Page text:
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Fr. Daniel M. Rogić
trian control). Due to the migration it was deemed unsafe to leave the holy relics of Saint Lazar where they were, and so they were transferred to the ancient Church of St. an- drew on the northern side of the Danube River, near Budim. in 1697 they were transferred to the monastery of Vrdnik (aptly called “New Ravanica”) in Fruška Gora, Srem, dur- ing the austro-Turkish War; and then in 1716 they were taken to Fenek and Klenak for three months, and returned to Vrdnik, where they remained until World War ii. Be- cause of the terroristic anti-Serbian Orthodox “cleansing” activities by the Ustashi of the newly created axis satel- lite, the independent State of Croatia, Holy Martyr Lazar’s relics were transferred from Vrdnik and placed in front of the iconostasis in the Cathedral Church in Belgrade.
again Lazar was there during World War i when a quarter of a million Serbians lost their lives, and during World War ii, when over half a million were killed outright, just for being Orthodox Christians, in the independent State of Croatia. and he is still there today guiding his faithful Or- thodox Serbs back on to the right path after they foolishly accepted the “communist trap.” He gave them strength in their sufferings at the hands of the albanian extremist Kosovo Liberation army, and he gave them hope to cope with the sinful mistakes of the NaTO bombings in 1999. One thing is for certain—the Holy Martyr Lazar will never leave the Serbian Orthodox people, who venerate him in faith, hope, and love.
That is why, on june 15, 1989, according to the decision of the Synod of Bishops of the Serbian Orthodox Church, Holy Martyr Lazar was taken back to his beloved monas- tery, Ravanica, in order to finally give him some comfort and joy. in a solemn procession the holy relics of Prince
Lazar were transferred to their ini- tial place of repose, in the Holy as- cension Church at Ravanica. as Patriarch German, the assembly of bishops, clergy and monastics, and all the faithful venerated the life giving body of Prince Lazar, the praises to him from the ikos of the Divine Services were chanted by all the faithful:
Thy fatherland and flock have possessed thee as a most honorable gift, both during thy life and after thy death, as fruitful wealth, a great defender, and a mighty warrior, O beloved of God Therefore, on the day of thy repose we offer up hymns of praise to thee, and magnifying thee we cry out to thee thus: Re- joice, off shoot of a pious father Re- joice, scion of a reverent mother Rejoice, for from thy youth thou didst follow the commandments of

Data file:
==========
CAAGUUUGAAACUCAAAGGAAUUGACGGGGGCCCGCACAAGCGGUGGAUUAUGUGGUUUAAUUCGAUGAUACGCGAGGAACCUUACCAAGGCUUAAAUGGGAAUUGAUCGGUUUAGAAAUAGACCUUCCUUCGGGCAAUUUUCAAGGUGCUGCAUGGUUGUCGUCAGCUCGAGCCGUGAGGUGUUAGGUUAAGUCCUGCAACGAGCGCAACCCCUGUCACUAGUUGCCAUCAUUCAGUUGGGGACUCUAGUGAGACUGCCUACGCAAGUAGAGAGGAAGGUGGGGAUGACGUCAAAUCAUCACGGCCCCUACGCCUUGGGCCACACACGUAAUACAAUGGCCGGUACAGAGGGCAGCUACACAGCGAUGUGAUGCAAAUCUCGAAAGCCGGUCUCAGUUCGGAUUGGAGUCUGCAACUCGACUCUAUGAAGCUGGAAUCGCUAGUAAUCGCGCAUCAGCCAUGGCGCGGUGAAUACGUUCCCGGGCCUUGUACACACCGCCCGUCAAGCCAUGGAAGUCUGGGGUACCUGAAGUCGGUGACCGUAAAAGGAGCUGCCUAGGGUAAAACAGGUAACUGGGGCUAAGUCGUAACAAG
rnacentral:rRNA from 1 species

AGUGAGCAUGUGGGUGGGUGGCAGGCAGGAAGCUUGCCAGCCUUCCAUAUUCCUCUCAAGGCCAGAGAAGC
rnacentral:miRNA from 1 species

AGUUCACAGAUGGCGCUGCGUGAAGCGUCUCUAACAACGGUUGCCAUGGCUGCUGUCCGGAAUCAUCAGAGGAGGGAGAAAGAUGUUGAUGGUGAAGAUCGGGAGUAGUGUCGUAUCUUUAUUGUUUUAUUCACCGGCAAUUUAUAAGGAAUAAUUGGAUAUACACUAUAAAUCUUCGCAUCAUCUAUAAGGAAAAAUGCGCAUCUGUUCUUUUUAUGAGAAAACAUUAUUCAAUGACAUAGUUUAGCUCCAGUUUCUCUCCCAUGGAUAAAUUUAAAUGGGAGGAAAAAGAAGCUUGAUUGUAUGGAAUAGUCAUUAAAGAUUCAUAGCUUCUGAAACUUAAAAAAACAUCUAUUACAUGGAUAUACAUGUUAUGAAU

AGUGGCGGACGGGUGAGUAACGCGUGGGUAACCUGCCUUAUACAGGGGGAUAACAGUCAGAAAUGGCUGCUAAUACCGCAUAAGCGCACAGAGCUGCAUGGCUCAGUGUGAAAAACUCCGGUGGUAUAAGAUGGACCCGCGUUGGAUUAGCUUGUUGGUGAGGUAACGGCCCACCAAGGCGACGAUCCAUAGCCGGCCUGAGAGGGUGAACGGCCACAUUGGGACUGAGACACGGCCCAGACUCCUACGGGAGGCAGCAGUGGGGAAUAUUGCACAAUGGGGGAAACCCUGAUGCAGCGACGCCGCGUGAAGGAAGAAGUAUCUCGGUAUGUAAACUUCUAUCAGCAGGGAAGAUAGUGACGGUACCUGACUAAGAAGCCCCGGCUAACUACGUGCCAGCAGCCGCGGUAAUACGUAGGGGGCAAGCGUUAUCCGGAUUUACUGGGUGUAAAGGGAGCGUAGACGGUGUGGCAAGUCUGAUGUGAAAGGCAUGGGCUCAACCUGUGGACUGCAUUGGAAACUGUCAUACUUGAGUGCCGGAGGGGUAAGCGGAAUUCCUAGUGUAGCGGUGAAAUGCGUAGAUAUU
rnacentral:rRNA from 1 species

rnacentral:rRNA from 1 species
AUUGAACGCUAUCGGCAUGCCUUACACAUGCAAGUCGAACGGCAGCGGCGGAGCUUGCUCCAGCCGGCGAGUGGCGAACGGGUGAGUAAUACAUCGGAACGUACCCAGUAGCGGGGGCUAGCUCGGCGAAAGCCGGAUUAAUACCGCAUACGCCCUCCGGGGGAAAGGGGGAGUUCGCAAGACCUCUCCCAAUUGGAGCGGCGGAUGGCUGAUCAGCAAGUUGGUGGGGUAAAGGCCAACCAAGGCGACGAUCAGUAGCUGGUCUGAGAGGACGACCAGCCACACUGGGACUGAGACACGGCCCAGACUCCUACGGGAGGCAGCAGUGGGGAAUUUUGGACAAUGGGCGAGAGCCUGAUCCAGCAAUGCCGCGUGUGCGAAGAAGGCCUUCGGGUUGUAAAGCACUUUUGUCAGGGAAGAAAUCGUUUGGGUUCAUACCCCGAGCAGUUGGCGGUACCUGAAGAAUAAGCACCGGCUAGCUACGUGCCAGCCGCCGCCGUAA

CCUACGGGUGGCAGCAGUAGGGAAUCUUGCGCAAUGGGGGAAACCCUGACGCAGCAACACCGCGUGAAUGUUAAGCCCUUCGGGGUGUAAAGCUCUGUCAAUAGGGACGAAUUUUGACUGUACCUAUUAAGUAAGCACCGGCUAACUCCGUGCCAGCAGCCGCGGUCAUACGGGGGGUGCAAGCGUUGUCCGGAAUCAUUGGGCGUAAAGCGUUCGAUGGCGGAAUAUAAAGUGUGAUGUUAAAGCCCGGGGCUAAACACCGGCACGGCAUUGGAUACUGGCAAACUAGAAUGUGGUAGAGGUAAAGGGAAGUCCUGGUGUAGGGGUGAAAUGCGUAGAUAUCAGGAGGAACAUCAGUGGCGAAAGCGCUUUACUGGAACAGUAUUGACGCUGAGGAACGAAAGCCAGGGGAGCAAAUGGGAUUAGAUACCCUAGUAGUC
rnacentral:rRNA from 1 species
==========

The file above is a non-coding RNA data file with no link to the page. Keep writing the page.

God Rejoice, unshakable pillar of Orthodoxy Rejoice, build- er and adorner of holy churches Rejoice, thou who gavest abundant alms to the poor Rejoice, good shepherd, who didst lay down his life for the people of God Rejoice, for thou didst shed thy blood for piety’s sake Rejoice, thou who for this reason art numbered with the martyrs and hast received a habitation with them Rejoice, for Orthodoxy is adorned by thee Rejoice, for thy glory hath gone forth unto all the world Rejoice, our defender and deliverer And we offer this up to thee as to one who art worthy, and en treat thee: Grant re- ward to those who glorify thee and deliver us from every misfortune that we may cry out to thee: Rejoice, O ever- memorable Lazar!
Truly, Holy Great-Martyr Prince Lazar “travels” with his suffering people who need his intercessions due to their own sins as well as due to the trials and tribulations from those who persecute them. He has never left them alone. His commitment is eternal,
just as the mention of his glorious
name is synonymous with Kosovo
and Serbian Orthodoxy (Svetosav-
lje). He was there when his young-
est daughter Olivera was taken by
his tormentor, Bayazid, and placed
into his harem. He gave her strength
never to give up her Orthodox faith.
He was still there when Constanti-
nople fell in 1453, and Smederevo
in 1459, marking the end of benev-
olent Orthodox rule in the Byzan-
tine Commonwealth. He was com-
forting those young children who
were taken from their families in
the janissary system,5 also known
as the “tribute in blood,” an unjust
evil indoctrination system the Turks
carried out for over two centuries.
He was there watching in “joyful
sorrow” when his beloved Saint Sa-
va’s body was burned by the Turks
on Vračar Hill, on Holy Saturday, april 27, 1595. He suf- fered again with the rayah (Serbs treated as slaves), when they came to know their Patriarch as Milletbasha (ethn- arch), and when the Serbs lost their Patriarchate altogether from 1766 to 1920. He was there on Kosovo Polje during the Balkan War of 1912, when thousands of Kosovo Serbs were “cleansed” from their homeland, being transferred to the Greek island of Corfu by British and French ships.
5 The “janissaries” were an elite, celibate regiment of the Ottoman army comprised in part of children who had been abducted from their Orthodox parents and then raised as fanatical Muslims. They were taught hatred of Orthodox people and were then set loose against their own nation. No doubt some of them even unknowingly killed their own relatives.
Troparion to Great-Martyr Prince Lazar, Tone 3
Haing desired the beauty of God’s glory, * thou wast well-pleasing to Him on earth, * and thou didst double the tal- ent entrusted to thee, * cultivating it well, * and laboring over it unto the shedding of thy blood. Therefore, as a martyr thou
didst receive a reward for thy pains from
Christ God. * Pray to Him, O Lazar, * to save those who hymn thee.
Kontakion, Tone 8
Superb warrior of piety and unashamed martyr for the truth, * thy flock honor ably praises thee as is due, O wise one. * But as thou hast boldness before Christ God, we who glorify thee ask of thee humility that we may cry to thee: Rejoice, O ever-mem- orable Lazar!

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